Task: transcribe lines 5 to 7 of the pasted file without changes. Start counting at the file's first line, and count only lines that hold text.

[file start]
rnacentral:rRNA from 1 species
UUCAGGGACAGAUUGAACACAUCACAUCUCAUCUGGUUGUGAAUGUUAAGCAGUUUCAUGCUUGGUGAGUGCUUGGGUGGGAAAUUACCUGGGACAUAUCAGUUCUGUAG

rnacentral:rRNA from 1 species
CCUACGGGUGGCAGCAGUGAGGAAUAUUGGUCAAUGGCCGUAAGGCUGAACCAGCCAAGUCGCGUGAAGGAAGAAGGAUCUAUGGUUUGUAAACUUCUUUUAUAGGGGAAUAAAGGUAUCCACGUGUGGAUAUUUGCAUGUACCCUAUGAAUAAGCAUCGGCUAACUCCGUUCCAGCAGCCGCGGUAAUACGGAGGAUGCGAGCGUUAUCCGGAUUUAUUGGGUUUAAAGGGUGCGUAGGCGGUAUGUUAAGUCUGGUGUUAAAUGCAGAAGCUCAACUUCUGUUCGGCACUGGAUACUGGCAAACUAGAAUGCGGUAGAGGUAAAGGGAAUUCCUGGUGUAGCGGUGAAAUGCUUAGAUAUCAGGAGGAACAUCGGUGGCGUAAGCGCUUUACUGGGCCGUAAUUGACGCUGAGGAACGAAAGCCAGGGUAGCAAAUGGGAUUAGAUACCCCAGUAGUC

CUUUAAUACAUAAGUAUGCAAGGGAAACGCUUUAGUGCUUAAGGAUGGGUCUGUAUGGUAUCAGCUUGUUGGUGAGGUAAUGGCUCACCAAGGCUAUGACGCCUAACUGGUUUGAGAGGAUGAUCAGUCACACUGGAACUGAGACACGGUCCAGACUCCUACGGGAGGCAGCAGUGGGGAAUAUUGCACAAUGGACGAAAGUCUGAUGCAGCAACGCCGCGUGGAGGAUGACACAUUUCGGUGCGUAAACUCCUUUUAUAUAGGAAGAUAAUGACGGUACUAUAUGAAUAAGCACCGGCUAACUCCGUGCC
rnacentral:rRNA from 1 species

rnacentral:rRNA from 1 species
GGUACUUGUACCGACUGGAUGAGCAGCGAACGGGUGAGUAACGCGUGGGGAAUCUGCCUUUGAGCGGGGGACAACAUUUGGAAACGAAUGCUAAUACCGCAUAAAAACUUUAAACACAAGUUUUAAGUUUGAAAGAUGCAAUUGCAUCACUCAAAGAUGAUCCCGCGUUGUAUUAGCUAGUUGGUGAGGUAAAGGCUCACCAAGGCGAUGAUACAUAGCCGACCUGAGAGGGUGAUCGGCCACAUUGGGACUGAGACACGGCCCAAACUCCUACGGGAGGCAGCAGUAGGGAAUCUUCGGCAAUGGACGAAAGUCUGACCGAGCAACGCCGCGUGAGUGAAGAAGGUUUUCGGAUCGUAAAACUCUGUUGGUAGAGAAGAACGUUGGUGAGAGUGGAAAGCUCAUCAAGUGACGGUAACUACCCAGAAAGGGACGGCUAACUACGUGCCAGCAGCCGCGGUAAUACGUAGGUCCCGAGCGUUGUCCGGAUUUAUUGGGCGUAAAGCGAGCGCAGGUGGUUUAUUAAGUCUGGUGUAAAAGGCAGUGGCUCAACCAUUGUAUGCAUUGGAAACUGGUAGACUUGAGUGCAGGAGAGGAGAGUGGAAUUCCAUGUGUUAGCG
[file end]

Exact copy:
CUUUAAUACAUAAGUAUGCAAGGGAAACGCUUUAGUGCUUAAGGAUGGGUCUGUAUGGUAUCAGCUUGUUGGUGAGGUAAUGGCUCACCAAGGCUAUGACGCCUAACUGGUUUGAGAGGAUGAUCAGUCACACUGGAACUGAGACACGGUCCAGACUCCUACGGGAGGCAGCAGUGGGGAAUAUUGCACAAUGGACGAAAGUCUGAUGCAGCAACGCCGCGUGGAGGAUGACACAUUUCGGUGCGUAAACUCCUUUUAUAUAGGAAGAUAAUGACGGUACUAUAUGAAUAAGCACCGGCUAACUCCGUGCC
rnacentral:rRNA from 1 species

rnacentral:rRNA from 1 species